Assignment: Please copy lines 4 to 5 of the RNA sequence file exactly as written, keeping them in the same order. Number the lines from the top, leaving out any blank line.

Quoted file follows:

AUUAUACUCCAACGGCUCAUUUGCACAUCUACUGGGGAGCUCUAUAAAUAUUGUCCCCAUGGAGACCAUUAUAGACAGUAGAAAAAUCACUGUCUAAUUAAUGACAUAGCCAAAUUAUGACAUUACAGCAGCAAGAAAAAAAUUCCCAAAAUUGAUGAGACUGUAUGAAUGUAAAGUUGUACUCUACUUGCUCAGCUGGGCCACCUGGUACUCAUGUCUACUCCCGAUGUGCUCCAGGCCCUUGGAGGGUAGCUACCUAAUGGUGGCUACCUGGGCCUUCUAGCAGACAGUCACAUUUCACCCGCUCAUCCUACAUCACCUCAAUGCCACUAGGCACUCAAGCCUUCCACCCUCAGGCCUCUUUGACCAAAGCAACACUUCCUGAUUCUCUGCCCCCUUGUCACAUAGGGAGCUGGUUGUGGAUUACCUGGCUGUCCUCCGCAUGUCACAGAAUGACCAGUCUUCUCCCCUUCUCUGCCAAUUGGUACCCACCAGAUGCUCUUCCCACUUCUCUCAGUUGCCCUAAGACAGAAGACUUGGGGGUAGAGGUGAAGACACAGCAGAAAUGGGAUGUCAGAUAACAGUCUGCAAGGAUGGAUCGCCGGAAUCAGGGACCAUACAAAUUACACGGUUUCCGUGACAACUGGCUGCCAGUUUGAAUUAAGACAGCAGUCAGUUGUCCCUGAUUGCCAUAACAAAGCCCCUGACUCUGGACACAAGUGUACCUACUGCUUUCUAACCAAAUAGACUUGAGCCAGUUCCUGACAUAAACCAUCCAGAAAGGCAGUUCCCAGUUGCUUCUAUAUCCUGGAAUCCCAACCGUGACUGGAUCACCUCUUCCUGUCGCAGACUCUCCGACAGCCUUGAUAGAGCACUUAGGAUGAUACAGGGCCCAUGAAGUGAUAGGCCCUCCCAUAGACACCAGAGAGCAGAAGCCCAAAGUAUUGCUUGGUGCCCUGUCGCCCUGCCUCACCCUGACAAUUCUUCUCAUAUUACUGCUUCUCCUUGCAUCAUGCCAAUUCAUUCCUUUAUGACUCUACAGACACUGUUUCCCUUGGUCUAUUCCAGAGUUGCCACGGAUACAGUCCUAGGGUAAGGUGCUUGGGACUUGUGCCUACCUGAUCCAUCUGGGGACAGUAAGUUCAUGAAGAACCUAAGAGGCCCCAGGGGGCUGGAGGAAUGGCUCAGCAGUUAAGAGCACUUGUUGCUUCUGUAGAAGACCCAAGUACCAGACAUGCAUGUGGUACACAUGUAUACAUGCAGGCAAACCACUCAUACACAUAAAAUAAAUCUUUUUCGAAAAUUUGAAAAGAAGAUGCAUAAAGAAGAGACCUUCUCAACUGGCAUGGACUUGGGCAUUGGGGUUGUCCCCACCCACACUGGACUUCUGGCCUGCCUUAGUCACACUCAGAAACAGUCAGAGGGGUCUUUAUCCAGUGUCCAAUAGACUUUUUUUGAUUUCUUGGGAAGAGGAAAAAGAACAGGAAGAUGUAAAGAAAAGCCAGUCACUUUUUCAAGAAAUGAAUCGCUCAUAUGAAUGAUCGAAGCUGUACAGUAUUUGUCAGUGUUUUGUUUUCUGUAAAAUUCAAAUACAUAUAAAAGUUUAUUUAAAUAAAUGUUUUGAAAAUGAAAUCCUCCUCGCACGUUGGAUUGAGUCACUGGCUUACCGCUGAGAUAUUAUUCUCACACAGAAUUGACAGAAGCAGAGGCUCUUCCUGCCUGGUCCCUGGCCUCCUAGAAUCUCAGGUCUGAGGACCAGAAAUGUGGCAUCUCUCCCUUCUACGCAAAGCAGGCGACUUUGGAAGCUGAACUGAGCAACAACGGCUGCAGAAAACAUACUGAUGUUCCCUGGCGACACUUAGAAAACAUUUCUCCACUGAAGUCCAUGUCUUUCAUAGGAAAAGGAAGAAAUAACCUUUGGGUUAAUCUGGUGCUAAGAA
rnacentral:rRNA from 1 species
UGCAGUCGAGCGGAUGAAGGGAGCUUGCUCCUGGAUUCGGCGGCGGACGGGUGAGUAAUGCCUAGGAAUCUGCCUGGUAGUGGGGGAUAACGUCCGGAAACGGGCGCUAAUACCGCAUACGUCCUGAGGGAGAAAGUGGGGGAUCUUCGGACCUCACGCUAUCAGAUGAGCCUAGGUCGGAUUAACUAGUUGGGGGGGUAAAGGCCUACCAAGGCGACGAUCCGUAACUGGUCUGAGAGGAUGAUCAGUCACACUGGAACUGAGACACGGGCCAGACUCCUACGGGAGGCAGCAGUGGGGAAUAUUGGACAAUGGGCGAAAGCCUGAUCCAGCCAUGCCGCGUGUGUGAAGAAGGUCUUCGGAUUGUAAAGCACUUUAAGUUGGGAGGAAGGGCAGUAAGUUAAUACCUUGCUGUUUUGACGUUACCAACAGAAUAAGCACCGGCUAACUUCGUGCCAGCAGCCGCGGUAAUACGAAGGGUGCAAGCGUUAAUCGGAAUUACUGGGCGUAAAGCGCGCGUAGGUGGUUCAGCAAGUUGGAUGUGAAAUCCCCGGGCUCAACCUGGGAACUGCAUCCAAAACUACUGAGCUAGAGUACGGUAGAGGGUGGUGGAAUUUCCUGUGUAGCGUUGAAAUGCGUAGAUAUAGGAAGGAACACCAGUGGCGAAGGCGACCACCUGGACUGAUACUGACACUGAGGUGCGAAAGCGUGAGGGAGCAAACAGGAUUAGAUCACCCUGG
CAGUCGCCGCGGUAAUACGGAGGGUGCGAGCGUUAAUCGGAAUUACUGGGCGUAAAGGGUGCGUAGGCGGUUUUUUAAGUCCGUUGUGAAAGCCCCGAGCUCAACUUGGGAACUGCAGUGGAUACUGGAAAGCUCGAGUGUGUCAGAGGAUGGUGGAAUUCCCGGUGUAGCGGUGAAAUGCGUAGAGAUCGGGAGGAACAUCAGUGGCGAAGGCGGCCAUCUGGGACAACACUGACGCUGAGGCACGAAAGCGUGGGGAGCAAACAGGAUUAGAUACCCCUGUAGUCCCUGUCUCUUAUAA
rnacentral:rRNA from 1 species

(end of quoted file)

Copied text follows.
CAGUCGCCGCGGUAAUACGGAGGGUGCGAGCGUUAAUCGGAAUUACUGGGCGUAAAGGGUGCGUAGGCGGUUUUUUAAGUCCGUUGUGAAAGCCCCGAGCUCAACUUGGGAACUGCAGUGGAUACUGGAAAGCUCGAGUGUGUCAGAGGAUGGUGGAAUUCCCGGUGUAGCGGUGAAAUGCGUAGAGAUCGGGAGGAACAUCAGUGGCGAAGGCGGCCAUCUGGGACAACACUGACGCUGAGGCACGAAAGCGUGGGGAGCAAACAGGAUUAGAUACCCCUGUAGUCCCUGUCUCUUAUAA
rnacentral:rRNA from 1 species